|Sleeping Beauty on Blu-ray
Theo Gluck, Director of Library Restoration and Preservation for Walt Disney Studios Motion Pictures has been kind enough to answer a number of technical questions regarding the new restoration of the animated Classic Sleeping Beauty, arriving on Blu-ray on October 7th.
RAH: Sleeping Beauty was photographed in Technirama. Can you briefly explain the Technirama photographic process?
TG: Technirama is a widescreen photographic process that was developed by Technicolor, UK and premiered in 1956 with The Monte Carlo Story. It was ultimately used on about 60 features such as Spartacus and The Pink Panther.
Much like Paramount's VistaVision process, Technirama moved the film horizontally through the camera thus exposing a frame that was 8 sprockets wide as opposed to a standard 4-perf "tall" frame.
In addition, the camera was fitted with an anamorphic lens that introduced a 1.5x squeeze. Technicolor would have to apply a secondary optical step to create either conventional 35mm CinemaScope prints to be projected at 2.35, or unsqueeze from the negative and blow-up to make a flat 70mm print. 70mm prints were branded as "Super Technirama 70" but the format always originated in 35mm. I suppose the proper labeling would be "Photographed in Technirama - Presented in Super Technirama 70."
RAH: How was Sleeping Beauty photographed?
TG: Sleeping Beauty was shot using the successive exposure method. Given the SE process, when coupled with the size of a Technirama frame, the negative for Sleeping Beauty is over 7.5 miles long.
RAH: Can you briefly explain SE technology?
TG: Rather than use three-strip Technicolor to capture color images, the successive exposure system utilizes a single strip of black and white film and places the three color records in succession (next to each other). So each single color frame that you see on screen is in fact a "triple exposure" of the three successive frames of negative. This method is ideally suited to filming animation.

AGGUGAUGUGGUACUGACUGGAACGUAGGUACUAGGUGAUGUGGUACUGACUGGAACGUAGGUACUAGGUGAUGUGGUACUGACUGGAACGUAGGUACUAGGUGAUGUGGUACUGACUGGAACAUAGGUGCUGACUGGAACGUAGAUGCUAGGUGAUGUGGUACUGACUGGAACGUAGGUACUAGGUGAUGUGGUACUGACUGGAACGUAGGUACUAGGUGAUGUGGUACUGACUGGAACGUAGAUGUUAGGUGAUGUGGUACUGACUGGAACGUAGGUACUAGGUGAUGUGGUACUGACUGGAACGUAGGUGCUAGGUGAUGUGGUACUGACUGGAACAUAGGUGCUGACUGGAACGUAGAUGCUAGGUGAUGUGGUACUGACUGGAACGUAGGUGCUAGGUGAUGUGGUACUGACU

Instead of having three Y-C-M (RGB) records, the Sleeping Beauty negative could best be described as: Y1-C1-M1-Y2-M2-C2-Y3-C3-M3 and so on (albeit through RGB filters). This means that the linear length of an SE negative is three times that of the print that it generates.
Two key advantages to SE as opposed to three-strip photography is that the optical path is far simpler resulting in a single focal plane for each frame, and the alignment of frames from a single strip of film as opposed to three separate records is far easier. This is clearly evident when we are working with our nitrate negatives.
Sleeping Beauty negative images. (© Disney)
RAH: When did Disney make the move on color from three-strip to SE?
TG: Our records indicate that our first 60 or so shorts were photographed using the YCM method. We adopted SE with the start of Snow Whie (probably late 1935 into early 1936). It appears that the first SE short premiered in 1937 with Donald's Ostrich.
RAH: From an archival perspective then, the earlier films would have all of the problems inherent to black & white Technicolor negatives, such as differential shrinkage and processing anomalies, where with SE those problems are eliminated.
TG: Correct. Image re-alignment is quite remarkable in SE as opposed to three strip.
RAH: I understand that at a certain point, there was a move from SE to standard Eastman color negative. When did that occur, and did it remain that way for any length of time?
TG: The Little Mermaid (1989) was shot on color negative primarily as a financial consideration.
By using EK color negative, you could far more easily farm out the work to different animation facilities and use multiple labs. There were some issues associated with Mermaid and the use of color negative so it was a one time only decision and the Studio went back to creating SE negatives for Beauty and the Beast and so on.
RAH: What is the proper projected or viewing aspect ratio for Sleeping Beauty, and how was it ascertained?